We are instrumenting our Spring Boot services using the latest Elastic APM Agent and in Kibana the traces are all grouped by their parent spans. Unfortunately this makes almost all spans grouped under "ServletWrappingController" which is not very helpful. Is there a way to rename the parent span so this is more meaningful?
Some of our service are being instrumented using the OpenTelemetry agent and it allows the parent span to be renamed. This helps us group traces more logically based on the api and method being called.
The OpenTelemetry docs acknowledge and address this:
The state described above has one significant problem. Observability backends usually aggregate traces based on their root spans. This means that ALL traces from any application deployed to Servlet container will be grouped together. Because their root spans will all have the same named based on common entry point. In order to alleviate this problem, instrumentations for specific frameworks, such as Spring MVC here, update name of the span corresponding to the entry point. Each framework instrumentation can decide what is the best span name based on framework implementation details. Of course, still adhering to OpenTelemetry semantic conventions.
We pretty much do the same. For Spring MVC we also set the transaction name based on the MVC controller that handles the request. If it's an custom or unsupported framework, you can use the API to set the name of the transaction.
Which framework are you using? Possibly it's not much effort to add auto-instrumentation for it.
I think the issue is that we give precedence to Spring controllers/
HandlerMethods as they are usually more descriptive than the
DispatcherServlet that invokes them. But in this case,
ServletWrappingController is invoking another servlet whose name is even more appropriate.
We could either have a special case for
ServletWrappingController or, if you don't want any transactions named after Spring MVC controllers, you can also
I've added support for
Could you try if the approach works for you? Here are the build artifacts of that PR:
Thanks for the quick reply and PR @felixbarny. These are jsonRPC calls being handled by our custom library so the meaningful values will be in the request body. However I think your change is still useful for other services.
We are actually using the opentracing-api instead of apm-agent-api directly since there are shims available from both Elastic APM and OpenTelemetry for the OpenTracing Tracer.
We are forced to use a mixed setup because we had scaling issues using the Elastic APM Java Agent on our very high rps services (40,000+ rps). Even with a low sample rate the high level transactions are still reported to the APM server and that slowed things down significantly (see https://github.com/elastic/apm/issues/104 and https://github.com/elastic/apm/issues/151).
Switching to using the OTEL or Jaeger agent and exporting to APM server's Jaeger endpoint works, but it is a hacky solution. I'm not sure if things have changed recently, but if it would be possible for the Java agent to only send sampled transaction information instead of all transactions that would make thing scale much easier.
We'll add some experimental options to calculate metrics based on transactions in the upcoming 7.11 release. Be sure to try that out and give us feedback.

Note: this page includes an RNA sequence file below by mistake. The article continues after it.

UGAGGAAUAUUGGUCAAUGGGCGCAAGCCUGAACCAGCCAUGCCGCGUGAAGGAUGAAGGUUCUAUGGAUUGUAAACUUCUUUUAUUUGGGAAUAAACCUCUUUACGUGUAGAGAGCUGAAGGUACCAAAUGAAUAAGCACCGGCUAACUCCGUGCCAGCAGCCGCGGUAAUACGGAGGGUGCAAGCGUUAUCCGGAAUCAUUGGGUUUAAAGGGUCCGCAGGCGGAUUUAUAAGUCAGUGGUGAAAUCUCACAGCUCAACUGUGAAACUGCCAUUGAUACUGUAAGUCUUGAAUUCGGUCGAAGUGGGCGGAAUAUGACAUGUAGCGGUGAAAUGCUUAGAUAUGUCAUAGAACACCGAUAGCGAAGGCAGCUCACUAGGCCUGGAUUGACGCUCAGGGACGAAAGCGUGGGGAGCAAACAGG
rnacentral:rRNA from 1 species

Can you elaborate on that a bit? What has slowed down? Did you experience higher latencies in your application endpoints, or did you observe the effect only on the ingestion pipeline (agent -> APM Server - ES)? Did you try to see what happens with VERY slow sample rate (e.g. 0.0 - 0.001) to validate that the overhead is indeed related to ingestion and not related to the instrumentation/tracing overhead?
We had the service's sample rate set at 0.01% and there were no issues there. The slowdown was in the ingestion pipeline because billions of events were being created every day for the top level transaction information. Issue 151 and the subsequent discussions provide a lot of details https://github.com/elastic/apm/issues/151. It deals with the node agent but we saw the same behavior with Java.
The APM Server's UI shows the number of transactions in each latency bucket including ones which weren't sampled and it also gives overall latency numbers. We don't really need this information since we have other tools like Prometheus to capture histogram buckets of request latencies. A random sample will also approximate the correct distribution in APM without needing to record data from all transactions.
Thanks for the details. It validates our efforts towards not sending unsampled transactions (relying on Elasticsearch's new histogram data type instead) and smarter, tail-based, sampling.
One thing I am still missing is whether or not you observed overhead in your application's endpoints latencies with the higher sampling rate, or any other noticeable overhead on CPU or memory (in the agent side).
I don't think there was any noticeable overhead on the application with sampling at under 1%. We did not attempt sampling at a higher rate because it would cause issues with ingestion.
Is this something that can be enabled on the agent right now?
Not yet. It has multiple dependencies, but it is WIP.
Have you tried dropping non-sampled transactions with an APM Server processor in with an ingest node processor?
The RPM graph will be off but it might be a decent short-term solution for you.
This topic was automatically closed 20 days after the last reply. New replies are no longer allowed.